Juce's not quite ready OpenGL Renderer


#1

Hey Jules, I know i’m being overly eager, but i’m curious as to whether you’ll think we’ll be able to mix juce Graphics calls and open gl calls in the components’ paint method? Or will the LowLevelGraphicsContext remain opaque?

Really looking forward to it!


#2

Still ironing out the bumps, but have got most of the hard bits done!

I think what’ll happen is that you’ll be able to put a window into openGL mode, and then any paint() callback in its subcomponents will be able to contain GL commands. Haven’t figured out the exact details yet though…


#3

Awesome… One other useful thing in the OpenGLTexture would be the ability to draw a bordered quad. Its basically the same but with an inset rect defined. That way when the quad is expanded the distortion is kept to a minimum. (Take for instance the iOS back button, if it resized the whole texture to fit text then the arrow left would distort, by defining the “text area” inside the image that is what gets resized.). There’s a ton of other uses for it as well…(component backgrounds with rendered drop shadows)

Make sense? I’m probably not explaining very well. I have code that does this I can send you if you want, (it uses quads though so probably best to move over to triangles!)… But in my code its drawing the top left corner area[1], the top border(stretched horizontally [2]), the top right corner[3], the left border(stretches vertically only[4]), the center area(which is the bit that resizes/stretches x and y[5]), right border(stretch vertically[6]), bottom left corner[7], bottom border(stretch horizontally[8]), and finally the bottom right corner[9]…

ASCII ART!!!

--------------------------------------------------------
| 1 |                       2                      | 3 |
--------------------------------------------------------
| 4 |                       5                      | 6 |
|   |                                              |   |
|   |                                              |   |
|   |                                              |   |
|   |                                              |   |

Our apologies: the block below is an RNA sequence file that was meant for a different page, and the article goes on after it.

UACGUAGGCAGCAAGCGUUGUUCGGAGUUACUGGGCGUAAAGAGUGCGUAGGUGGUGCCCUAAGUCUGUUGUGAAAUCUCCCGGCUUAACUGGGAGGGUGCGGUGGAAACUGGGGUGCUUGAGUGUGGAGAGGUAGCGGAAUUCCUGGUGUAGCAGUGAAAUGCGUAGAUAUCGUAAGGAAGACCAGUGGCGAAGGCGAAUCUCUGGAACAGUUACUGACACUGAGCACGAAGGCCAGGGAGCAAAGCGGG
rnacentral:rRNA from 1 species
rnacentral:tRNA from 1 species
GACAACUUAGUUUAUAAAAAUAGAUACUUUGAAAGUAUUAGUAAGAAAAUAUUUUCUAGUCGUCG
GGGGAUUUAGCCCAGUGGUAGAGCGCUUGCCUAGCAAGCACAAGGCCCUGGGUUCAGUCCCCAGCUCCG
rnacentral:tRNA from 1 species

--------------------------------------------------------
| 7 |                      8                       | 9 |
--------------------------------------------------------

So the inset rect is [5]


#4

Well, that has nothing to do with openGL… You could easily do it with the normal Graphics class.


#5

True, but it’d be nice to do it all in one batch pass. (And saving a lot of glBindTexture calls!)


#6

Congratulations Jules! The rotation parameter on the Demo page with the OpenGL renderer rocks! I know its still early, but quite an accomplishment!


#7

Eh? I’ve not done anything new on the openGL demo page yet - that demo’s been there for years! The OpenGLRenderer class is where the action is going to happen.


#8

I meant the rotation Widget page with OpenGL as the renderer… that aspect is quite faster than the CoreGraphics renderer


#9

Ah, you figured out how to enable the secret GL rendering engine! I hadn’t made it public yet, but yes, feel free to have a play! Lots more work still to be done though!


#10

interesting! would an OpenGL renderer speed up rendering on IOS as well?

currently, on an ipad1, the default renderer renders the widgets demo at approx 25ms per iteration. A bit too slow for fast moving UIs I’m afraid…
However, on my trusty old 1.6Ghz mac mini it’s as low as 4ms, which is very usable. Any chance of approaching that kind of speed on an ipad1 you think?

On a related note: on the mac mini, the software renderer is twice as fast as coregraphics. Is this expected? And if so, is this software renderer maybe usable on IOS as well?


#11

Your Mac Mini has a better CPU than GPU. Your iPad has a better GPU than CPU.

I’m hoping for some improvements with the OpenGL renderer, but only with rendering being in a thread, to be honest.

As for 25 MHz - that’s plenty fast enough for a GUI, it means you’d hit 30 fps with a bit of time over for processing. The problem more is that on a constrained platform, you don’t get that whole amount to use - the system designer has assumed you’ll be using the GPU, so the CPU doesn’t have the oomph to do graphics and normal processing.

Bruce


#12

makes sense! thanks

the reason I joined the conversation is that I am currently struggling with a port of an existing juce audio app which needs to do a lot of real-time UI updates and which gets the ipad on its knees rather quickly.

so if anyone needs a volunteer for trying out experimental hw-accelerated renderers on an ipad1, I’d be happy to give it a shot!


#13

I’ve rewritten the renderer (again…) and updated the demo to show off some 2D stuff - would be interested to hear how you guys find it.